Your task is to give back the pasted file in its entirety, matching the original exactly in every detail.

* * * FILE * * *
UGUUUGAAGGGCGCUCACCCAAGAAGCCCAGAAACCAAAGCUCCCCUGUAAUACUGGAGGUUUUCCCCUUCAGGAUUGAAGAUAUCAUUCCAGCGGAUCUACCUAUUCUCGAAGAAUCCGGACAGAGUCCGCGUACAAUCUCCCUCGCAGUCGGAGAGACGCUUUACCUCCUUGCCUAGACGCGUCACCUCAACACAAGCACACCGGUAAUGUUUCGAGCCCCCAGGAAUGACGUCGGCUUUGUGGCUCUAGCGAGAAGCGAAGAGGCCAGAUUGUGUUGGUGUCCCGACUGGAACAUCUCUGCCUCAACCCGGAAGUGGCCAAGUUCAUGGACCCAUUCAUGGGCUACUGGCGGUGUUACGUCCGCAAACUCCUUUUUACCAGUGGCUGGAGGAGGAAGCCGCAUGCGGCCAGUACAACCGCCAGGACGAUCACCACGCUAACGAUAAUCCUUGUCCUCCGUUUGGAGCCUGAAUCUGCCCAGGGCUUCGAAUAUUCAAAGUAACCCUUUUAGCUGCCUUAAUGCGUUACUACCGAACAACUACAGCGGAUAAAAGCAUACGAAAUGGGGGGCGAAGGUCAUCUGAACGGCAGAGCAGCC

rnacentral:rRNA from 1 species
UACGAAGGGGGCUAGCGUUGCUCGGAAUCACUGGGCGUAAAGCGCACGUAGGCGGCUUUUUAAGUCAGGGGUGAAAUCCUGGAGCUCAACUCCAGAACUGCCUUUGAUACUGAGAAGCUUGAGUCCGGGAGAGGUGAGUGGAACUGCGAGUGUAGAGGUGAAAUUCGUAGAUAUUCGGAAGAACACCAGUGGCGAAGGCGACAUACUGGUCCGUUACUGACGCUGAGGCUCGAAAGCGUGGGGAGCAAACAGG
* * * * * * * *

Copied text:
UGUUUGAAGGGCGCUCACCCAAGAAGCCCAGAAACCAAAGCUCCCCUGUAAUACUGGAGGUUUUCCCCUUCAGGAUUGAAGAUAUCAUUCCAGCGGAUCUACCUAUUCUCGAAGAAUCCGGACAGAGUCCGCGUACAAUCUCCCUCGCAGUCGGAGAGACGCUUUACCUCCUUGCCUAGACGCGUCACCUCAACACAAGCACACCGGUAAUGUUUCGAGCCCCCAGGAAUGACGUCGGCUUUGUGGCUCUAGCGAGAAGCGAAGAGGCCAGAUUGUGUUGGUGUCCCGACUGGAACAUCUCUGCCUCAACCCGGAAGUGGCCAAGUUCAUGGACCCAUUCAUGGGCUACUGGCGGUGUUACGUCCGCAAACUCCUUUUUACCAGUGGCUGGAGGAGGAAGCCGCAUGCGGCCAGUACAACCGCCAGGACGAUCACCACGCUAACGAUAAUCCUUGUCCUCCGUUUGGAGCCUGAAUCUGCCCAGGGCUUCGAAUAUUCAAAGUAACCCUUUUAGCUGCCUUAAUGCGUUACUACCGAACAACUACAGCGGAUAAAAGCAUACGAAAUGGGGGGCGAAGGUCAUCUGAACGGCAGAGCAGCC

rnacentral:rRNA from 1 species
UACGAAGGGGGCUAGCGUUGCUCGGAAUCACUGGGCGUAAAGCGCACGUAGGCGGCUUUUUAAGUCAGGGGUGAAAUCCUGGAGCUCAACUCCAGAACUGCCUUUGAUACUGAGAAGCUUGAGUCCGGGAGAGGUGAGUGGAACUGCGAGUGUAGAGGUGAAAUUCGUAGAUAUUCGGAAGAACACCAGUGGCGAAGGCGACAUACUGGUCCGUUACUGACGCUGAGGCUCGAAAGCGUGGGGAGCAAACAGG